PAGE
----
The conceptual metaphor helps us grasp an idea through associating it with another. It has two major constituents: 1) source domain – the one, from which a figurative expression derives; 2) target domain – the one that is understood as a result of mapping (a set of corresponding features that unite the components of the metaphor).
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It is not a rare case that conceptual metaphors are used in advertising as they are capable of increasing the perceived value of this or that product or service. Besides, metaphors not only shape brand image but also make any advertised object more personal.
Example 1: “Tropicana – Your Daily Ray of Sunshine”.
This slogan was used by the juice producing company Tropicana for introducing its orange juice to the market. The source domain, in this case, is a ray of sunshine, whereas the target domain is orange juice. Mapping here is rather complex as there are several points of correspondence:
- the color of orange juice is similar to the color of the sun (visual metaphor);
- the sun gives us vitality and health – so does daily consumption of this juice;
- sunshine is typically associated with hot climates – the name Tropicana indicates that oranges were grown in a sunny place, which means that the juice contains no artificial or chemical ingredients;
- “ray of sunshine” implies that a sip of Tropicana juice tastes better than anything else (or, probably, gives you more sensations) – just like a ray is brighter than the environment surrounding it.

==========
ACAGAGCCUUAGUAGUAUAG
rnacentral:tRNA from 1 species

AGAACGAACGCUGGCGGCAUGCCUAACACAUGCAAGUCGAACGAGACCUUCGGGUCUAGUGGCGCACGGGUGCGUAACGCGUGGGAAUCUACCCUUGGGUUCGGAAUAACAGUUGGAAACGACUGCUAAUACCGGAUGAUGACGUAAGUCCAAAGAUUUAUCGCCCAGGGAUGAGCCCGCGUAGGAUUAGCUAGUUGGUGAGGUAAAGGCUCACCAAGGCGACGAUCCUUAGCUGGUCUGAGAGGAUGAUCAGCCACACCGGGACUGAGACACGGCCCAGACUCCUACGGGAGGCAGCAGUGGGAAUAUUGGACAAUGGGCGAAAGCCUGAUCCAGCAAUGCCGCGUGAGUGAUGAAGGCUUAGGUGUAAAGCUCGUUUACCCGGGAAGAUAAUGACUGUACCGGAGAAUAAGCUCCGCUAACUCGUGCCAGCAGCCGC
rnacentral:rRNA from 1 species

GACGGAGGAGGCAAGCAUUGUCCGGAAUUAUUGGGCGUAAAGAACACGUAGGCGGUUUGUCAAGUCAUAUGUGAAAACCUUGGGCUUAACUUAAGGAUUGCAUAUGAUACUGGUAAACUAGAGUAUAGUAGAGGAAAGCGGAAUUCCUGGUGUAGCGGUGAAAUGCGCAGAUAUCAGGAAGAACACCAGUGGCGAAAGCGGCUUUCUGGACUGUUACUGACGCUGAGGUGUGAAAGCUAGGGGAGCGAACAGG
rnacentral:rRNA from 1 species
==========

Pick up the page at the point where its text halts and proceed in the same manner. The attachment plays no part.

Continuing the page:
As we can see, the author wants to attract the attention of the potential customer to several characteristics of the product simultaneously, using a conceptual metaphor.
Example 2: “Werther’s Chocolate – It’s What Comfort Tastes Like”.
The slogan chosen by Werther’s – the producer of a controversial product in points of health – perfectly uses a conceptual metaphor to relieve its customers from the feeling of guilt (which is quite common for all chocolate- and caramel-lovers). The source domain of the metaphor is comfort, while the target domain Wether’s Chocolate. Again, like in the previous case, the points of similarity are numerous:
- eating (as a process of consuming unhealthy but tasty chocolate candies) is associated with comfort, which means that the potential customer will feel that he/she is doing the right thing striving for comfort;
- so-called comfort food evokes associations with comfort lifestyle in general – there is no way to eat “comfort” chocolate being a social outcast as the image is logically connected with personal success;
- last but not least, people who love chocolate usually understand that they run the risk of obesity, bad teeth, diabetes, and other sugar-associated problems; therefore, for them, it is highly important to know that they consume candies for a good reason: in this case, the reason is that it gives them a break from daily stress, which means they eat a kind of soothing food for their nervous system.
Unlike the first case, in which the producers could afford to emphasize every quality of the product foregrounding all corresponding points of the two domains (after all, there is nothing wrong with consuming orange juice), Werther’s Chocolate manufacturers realize that they must use only certain aspects of the target domain ignoring the others. The problem is that “comfort” is a word that is not always interpreted positively as it also implies the lack of activity and strivings. When it refers to food, it can be associated with fast food, which is rather harmful to health. That is why the ultimate goal of the producers was to implement a conceptual metaphor in such a way that the customer should see only positive sides of comfort (as well as chocolate consumption) while turning a blind eye to its negative consequences.